>According to molecular data, this would have to have occurred somewhere
>between 800,000 - 100,000 B.P. because that is the range of when the last
>common human ancestor existed.
The genetic data has been taken as low as 80,000 years ago. (was your
800,000 a typo?). Thus, modern man at 100,000 years ago is a date that all
parties seem to agree upon.
But I don't understand your last point. Kidner is saying in this paragraph
that all human beings may NOT have descended from Adam, but that Adam as
the first human being in the image of God existed sometime after the most
recent common ancestor. This could have been fairly recently, say 30,000
years ago. Note that Kidner says that even if all mankind did not descend
biologically from Adam that Adam could still be the covenantal head of the
human race and that God bestowed image-bearing on Adam's "collaterals" so
they too become divine image bearers (this cuts through all the problems
with pre-Adamites and racism).
As I've told you before, I think that you put too much stock in
morphological and even behavioral evidences as to your definition of man.
As Kidner wrote:
> The answer may lie in our definition of man.
Kidner invites us to differentiate between *homo faber* and man in the
image of God (what John Stott called *homo divinitatis*).
Thus, we could have anatomically modern *homo sapiens*, behaviorially
modern *homo faber*, and true man *homo divinitatis*. According to
Kidner's proposal, all *homo sapiens* and *homo faber* since the time of
Adam are also *homo divinitatis*. *Homo sapiens* and *homo faber* that
died before the time of Adam were not *homo divinitatis*. I'm not sure the
fossil record or the anthropological record can help us here.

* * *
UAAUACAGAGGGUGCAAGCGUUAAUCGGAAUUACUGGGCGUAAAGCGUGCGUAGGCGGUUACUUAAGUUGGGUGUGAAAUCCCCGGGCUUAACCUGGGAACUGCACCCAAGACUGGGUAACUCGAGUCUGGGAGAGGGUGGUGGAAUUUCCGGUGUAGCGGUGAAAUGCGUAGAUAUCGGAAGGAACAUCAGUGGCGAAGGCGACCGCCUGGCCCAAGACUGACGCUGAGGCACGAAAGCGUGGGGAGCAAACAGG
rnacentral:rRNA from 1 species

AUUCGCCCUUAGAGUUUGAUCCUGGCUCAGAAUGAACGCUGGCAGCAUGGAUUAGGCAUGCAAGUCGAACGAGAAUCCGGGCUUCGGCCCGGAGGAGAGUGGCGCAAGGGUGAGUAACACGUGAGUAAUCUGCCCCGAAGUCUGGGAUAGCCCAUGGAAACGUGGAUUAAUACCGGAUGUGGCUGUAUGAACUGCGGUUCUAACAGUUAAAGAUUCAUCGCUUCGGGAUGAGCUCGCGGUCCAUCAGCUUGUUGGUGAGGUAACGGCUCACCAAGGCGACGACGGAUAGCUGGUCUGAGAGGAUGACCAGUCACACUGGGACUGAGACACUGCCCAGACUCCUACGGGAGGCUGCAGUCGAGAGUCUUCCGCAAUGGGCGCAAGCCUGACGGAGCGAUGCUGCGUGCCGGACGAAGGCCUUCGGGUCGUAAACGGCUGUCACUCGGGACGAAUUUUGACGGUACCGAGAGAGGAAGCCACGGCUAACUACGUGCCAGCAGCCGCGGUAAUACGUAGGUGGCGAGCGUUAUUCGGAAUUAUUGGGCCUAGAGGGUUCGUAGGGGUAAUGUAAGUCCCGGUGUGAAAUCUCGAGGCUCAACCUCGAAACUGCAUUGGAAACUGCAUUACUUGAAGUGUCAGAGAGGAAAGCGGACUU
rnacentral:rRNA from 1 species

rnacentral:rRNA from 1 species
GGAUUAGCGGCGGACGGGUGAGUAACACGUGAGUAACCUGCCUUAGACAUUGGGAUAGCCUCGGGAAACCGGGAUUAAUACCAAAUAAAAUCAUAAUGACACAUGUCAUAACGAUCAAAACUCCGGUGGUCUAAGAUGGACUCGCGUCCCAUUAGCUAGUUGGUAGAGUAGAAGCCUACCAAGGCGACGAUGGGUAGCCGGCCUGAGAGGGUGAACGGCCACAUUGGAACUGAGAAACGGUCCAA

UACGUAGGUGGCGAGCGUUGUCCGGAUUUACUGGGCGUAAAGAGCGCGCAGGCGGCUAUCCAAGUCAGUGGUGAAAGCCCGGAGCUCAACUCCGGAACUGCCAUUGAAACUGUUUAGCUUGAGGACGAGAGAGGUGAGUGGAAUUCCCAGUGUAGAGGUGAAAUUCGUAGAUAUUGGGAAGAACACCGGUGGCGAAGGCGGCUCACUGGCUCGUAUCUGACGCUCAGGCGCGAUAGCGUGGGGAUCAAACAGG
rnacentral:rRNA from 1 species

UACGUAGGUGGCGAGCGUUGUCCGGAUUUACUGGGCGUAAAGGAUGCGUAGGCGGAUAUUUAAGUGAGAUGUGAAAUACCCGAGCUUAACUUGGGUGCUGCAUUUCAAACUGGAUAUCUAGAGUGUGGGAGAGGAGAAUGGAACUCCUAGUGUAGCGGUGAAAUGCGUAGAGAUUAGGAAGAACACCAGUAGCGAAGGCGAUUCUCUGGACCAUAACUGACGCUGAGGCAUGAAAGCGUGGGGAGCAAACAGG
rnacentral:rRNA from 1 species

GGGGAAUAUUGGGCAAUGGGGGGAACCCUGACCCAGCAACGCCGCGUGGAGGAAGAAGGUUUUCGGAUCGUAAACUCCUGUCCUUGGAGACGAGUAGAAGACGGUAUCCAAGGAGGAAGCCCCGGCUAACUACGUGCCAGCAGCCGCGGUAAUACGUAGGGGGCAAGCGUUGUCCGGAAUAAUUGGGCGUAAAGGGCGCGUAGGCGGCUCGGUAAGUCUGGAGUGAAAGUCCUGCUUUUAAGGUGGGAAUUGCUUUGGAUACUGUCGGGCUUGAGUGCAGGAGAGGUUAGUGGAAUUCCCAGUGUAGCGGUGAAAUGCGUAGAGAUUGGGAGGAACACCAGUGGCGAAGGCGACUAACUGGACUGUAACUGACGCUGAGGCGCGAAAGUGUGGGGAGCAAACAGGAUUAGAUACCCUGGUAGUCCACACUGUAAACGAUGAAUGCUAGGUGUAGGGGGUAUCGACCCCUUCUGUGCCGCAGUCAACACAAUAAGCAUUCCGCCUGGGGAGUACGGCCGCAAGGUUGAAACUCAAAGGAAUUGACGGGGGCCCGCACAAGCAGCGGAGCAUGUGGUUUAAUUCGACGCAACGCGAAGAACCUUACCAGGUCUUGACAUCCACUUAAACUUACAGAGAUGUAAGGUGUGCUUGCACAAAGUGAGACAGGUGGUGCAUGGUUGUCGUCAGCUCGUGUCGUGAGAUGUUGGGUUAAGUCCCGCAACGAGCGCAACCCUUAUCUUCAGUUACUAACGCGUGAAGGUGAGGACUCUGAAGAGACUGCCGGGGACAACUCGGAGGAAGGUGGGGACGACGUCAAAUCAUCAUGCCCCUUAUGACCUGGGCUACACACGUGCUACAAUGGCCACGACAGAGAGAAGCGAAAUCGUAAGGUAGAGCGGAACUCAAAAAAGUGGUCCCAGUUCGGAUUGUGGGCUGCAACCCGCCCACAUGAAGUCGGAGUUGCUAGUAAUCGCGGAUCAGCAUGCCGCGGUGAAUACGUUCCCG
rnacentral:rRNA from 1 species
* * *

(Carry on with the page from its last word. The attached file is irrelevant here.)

This leads to Kidner's last point in the section I posted (it probably
makes your concordist blood boil ;-) but I think that he is essentially
> Thirdly, however, the interests and methods of Scripture and
>science differ so widely that they are best studied, in any detail, apart.
>Their accounts of the world are as distinct (and each as legitimate) as an
>artist's portrait and an anatomist's diagram, of which no composite picture
>will be satisfactory, for their common ground is only in the total reality
>to which they both attend. It cannot be said too strongly that Scripture is
>the perfect vehicle for God's revelation, which is what concerns us here;
>and its bold selectiveness, like that of a great painting, is its power. To
>read it with one eye on any other account is to blur its image and miss its
>wisdom. To have God's own presentation of human beginning as they most
>deeply concern us, we need look no further than these chapters and their
>New Testament interpretation.
Terry M. Gray, Ph.D. Department of Chemistry and Biochemistry
Calvin College 3201 Burton SE Grand Rapids, MI 40546
Office: (616) 957-7187 FAX: (616) 957-6501
Email: firstname.lastname@example.org http://www.calvin.edu/~grayt